New UK Restrictions: Impact on International Students Bringing Families
The United Kingdom is preparing to implement stricter regulations that could potentially prevent Nigerian students, as well as students from other nationalities, studying in the UK from bringing their families with them. This move aims to address the significant increase in net migration into the country, which has reached 1 million individuals. British Prime Minister, Rishi Sunak, and his government are expected to announce these immigration restrictions in the coming days. The new rules will primarily affect master’s students and several other postgraduate students, but will not apply to PhD students, who are generally highly skilled and pursue longer courses lasting between 3 and 5 years.
The decision to impose restrictions on family members accompanying international students is a response to the mounting concern among Tory MPs and the government regarding the surging numbers of migrants entering the UK. The situation has prompted calls for Prime Minister Rishi Sunak to take decisive action to address this issue.
According to The Sun UK, an explosion in the number of individuals entering the UK by relying on their relatives’ student visas has driven the government to take action. Last year alone, students brought a staggering 135,788 family members to the country, a ninefold increase compared to 2019. Specifically, Nigerian students accounted for 59,053 individuals who brought over 60,923 relatives during the same period.
Implications for International Students:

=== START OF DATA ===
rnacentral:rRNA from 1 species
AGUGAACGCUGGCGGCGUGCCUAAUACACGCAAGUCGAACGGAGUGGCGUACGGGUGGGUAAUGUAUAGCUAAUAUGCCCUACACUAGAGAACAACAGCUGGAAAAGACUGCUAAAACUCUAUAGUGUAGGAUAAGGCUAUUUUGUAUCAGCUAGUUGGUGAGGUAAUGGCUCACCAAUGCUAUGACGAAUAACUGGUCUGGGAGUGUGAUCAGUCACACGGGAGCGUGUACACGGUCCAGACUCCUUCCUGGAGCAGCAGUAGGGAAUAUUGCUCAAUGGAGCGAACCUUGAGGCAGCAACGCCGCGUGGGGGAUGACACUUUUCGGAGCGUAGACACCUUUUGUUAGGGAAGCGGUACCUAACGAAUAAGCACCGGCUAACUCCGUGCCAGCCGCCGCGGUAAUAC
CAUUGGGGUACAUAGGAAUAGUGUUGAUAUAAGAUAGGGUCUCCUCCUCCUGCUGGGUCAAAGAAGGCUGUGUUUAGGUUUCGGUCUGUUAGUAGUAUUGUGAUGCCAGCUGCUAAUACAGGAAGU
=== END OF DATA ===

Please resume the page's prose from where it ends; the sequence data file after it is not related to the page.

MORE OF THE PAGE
The imminent immigration clampdown will primarily impact master’s students and various other postgraduate students. These individuals will no longer have the option to bring their families over during their studies in the UK. The British government hopes that by implementing this restriction, it can better control the escalating migration figures and address the concerns raised by lawmakers.
Exemption for PhD Students:
While the new regulations will affect a significant number of international students, PhD students will be exempted from the ban. The exemption is justified by the extended duration of PhD courses, which typically last between 3 and 5 years, and the high level of expertise associated with these programs. PhD students are generally regarded as highly skilled individuals, and their exclusion from the restrictions acknowledges their unique circumstances and contribution to the academic and research communities in the UK.
As the United Kingdom prepares to announce new immigration restrictions, international students, including Nigerian students, may face challenges in bringing their families to accompany them during their studies. While the ban will primarily affect master’s students and other postgraduates, PhD students will be exempted due to the longer duration of their courses and their high level of skills. These measures aim to address the significant increase in net migration numbers, which has become a pressing concern for the government. It remains to be seen how these new regulations will shape the landscape for international students in the UK in the future.